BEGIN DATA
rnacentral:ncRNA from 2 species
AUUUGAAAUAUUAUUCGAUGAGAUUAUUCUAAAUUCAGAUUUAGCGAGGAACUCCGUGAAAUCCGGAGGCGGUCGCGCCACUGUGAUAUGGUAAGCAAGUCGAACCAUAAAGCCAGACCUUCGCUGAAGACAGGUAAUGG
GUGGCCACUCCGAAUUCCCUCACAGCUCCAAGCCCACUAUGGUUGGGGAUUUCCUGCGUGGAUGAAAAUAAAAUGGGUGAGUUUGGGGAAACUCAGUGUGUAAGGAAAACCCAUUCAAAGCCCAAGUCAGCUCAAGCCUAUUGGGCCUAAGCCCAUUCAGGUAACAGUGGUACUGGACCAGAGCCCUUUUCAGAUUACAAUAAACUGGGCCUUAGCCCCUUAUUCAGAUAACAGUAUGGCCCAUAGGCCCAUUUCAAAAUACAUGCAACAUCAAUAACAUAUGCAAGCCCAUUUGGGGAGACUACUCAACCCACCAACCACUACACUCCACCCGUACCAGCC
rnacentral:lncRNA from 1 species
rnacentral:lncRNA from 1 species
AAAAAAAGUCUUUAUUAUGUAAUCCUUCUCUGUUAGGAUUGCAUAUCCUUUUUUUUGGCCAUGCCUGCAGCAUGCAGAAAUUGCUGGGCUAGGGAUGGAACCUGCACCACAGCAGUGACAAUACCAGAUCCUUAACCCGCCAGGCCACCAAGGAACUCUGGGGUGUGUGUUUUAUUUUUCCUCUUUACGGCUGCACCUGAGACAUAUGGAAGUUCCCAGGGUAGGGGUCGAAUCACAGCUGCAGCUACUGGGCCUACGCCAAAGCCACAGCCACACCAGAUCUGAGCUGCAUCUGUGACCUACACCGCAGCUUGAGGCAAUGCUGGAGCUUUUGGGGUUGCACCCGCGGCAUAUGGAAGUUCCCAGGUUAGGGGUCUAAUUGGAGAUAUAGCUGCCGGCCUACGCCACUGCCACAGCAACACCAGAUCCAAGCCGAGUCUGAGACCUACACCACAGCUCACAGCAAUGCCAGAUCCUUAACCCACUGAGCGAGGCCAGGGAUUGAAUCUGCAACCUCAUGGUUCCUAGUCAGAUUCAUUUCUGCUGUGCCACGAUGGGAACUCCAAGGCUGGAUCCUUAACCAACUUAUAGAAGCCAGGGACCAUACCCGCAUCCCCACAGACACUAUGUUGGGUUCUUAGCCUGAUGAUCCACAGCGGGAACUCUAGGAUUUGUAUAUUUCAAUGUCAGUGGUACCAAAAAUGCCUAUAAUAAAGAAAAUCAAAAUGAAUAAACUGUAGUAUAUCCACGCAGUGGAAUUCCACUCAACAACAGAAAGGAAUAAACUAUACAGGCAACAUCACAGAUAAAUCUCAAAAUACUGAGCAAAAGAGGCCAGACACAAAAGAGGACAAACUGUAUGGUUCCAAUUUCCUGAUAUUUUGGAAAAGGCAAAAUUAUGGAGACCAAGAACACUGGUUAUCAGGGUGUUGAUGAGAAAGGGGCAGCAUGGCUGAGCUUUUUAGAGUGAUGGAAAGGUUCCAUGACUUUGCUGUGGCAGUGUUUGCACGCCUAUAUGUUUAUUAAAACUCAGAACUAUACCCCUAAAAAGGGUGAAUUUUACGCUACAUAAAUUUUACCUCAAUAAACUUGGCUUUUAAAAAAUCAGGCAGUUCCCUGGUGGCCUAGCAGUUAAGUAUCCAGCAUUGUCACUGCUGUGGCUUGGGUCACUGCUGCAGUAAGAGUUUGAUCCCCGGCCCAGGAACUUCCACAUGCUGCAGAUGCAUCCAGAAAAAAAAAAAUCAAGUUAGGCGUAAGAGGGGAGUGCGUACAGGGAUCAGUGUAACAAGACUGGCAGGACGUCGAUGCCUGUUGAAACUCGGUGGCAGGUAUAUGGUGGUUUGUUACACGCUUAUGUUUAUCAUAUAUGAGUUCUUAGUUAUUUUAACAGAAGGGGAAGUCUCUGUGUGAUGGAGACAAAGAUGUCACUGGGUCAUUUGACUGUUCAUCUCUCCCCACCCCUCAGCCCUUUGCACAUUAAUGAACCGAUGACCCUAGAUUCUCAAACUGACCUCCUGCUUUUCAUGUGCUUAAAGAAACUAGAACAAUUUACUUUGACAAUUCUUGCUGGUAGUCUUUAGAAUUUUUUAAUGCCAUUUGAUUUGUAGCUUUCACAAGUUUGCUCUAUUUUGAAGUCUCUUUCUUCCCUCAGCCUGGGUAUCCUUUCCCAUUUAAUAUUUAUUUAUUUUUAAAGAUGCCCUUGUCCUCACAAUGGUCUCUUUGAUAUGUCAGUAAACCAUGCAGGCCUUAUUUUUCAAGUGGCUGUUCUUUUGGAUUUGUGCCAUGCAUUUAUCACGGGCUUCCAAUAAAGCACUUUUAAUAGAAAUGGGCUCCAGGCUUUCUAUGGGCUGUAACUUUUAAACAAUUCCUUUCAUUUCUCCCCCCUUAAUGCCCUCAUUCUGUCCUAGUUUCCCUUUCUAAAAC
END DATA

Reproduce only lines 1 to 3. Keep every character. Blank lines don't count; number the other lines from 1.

rnacentral:ncRNA from 2 species
AUUUGAAAUAUUAUUCGAUGAGAUUAUUCUAAAUUCAGAUUUAGCGAGGAACUCCGUGAAAUCCGGAGGCGGUCGCGCCACUGUGAUAUGGUAAGCAAGUCGAACCAUAAAGCCAGACCUUCGCUGAAGACAGGUAAUGG
GUGGCCACUCCGAAUUCCCUCACAGCUCCAAGCCCACUAUGGUUGGGGAUUUCCUGCGUGGAUGAAAAUAAAAUGGGUGAGUUUGGGGAAACUCAGUGUGUAAGGAAAACCCAUUCAAAGCCCAAGUCAGCUCAAGCCUAUUGGGCCUAAGCCCAUUCAGGUAACAGUGGUACUGGACCAGAGCCCUUUUCAGAUUACAAUAAACUGGGCCUUAGCCCCUUAUUCAGAUAACAGUAUGGCCCAUAGGCCCAUUUCAAAAUACAUGCAACAUCAAUAACAUAUGCAAGCCCAUUUGGGGAGACUACUCAACCCACCAACCACUACACUCCACCCGUACCAGCC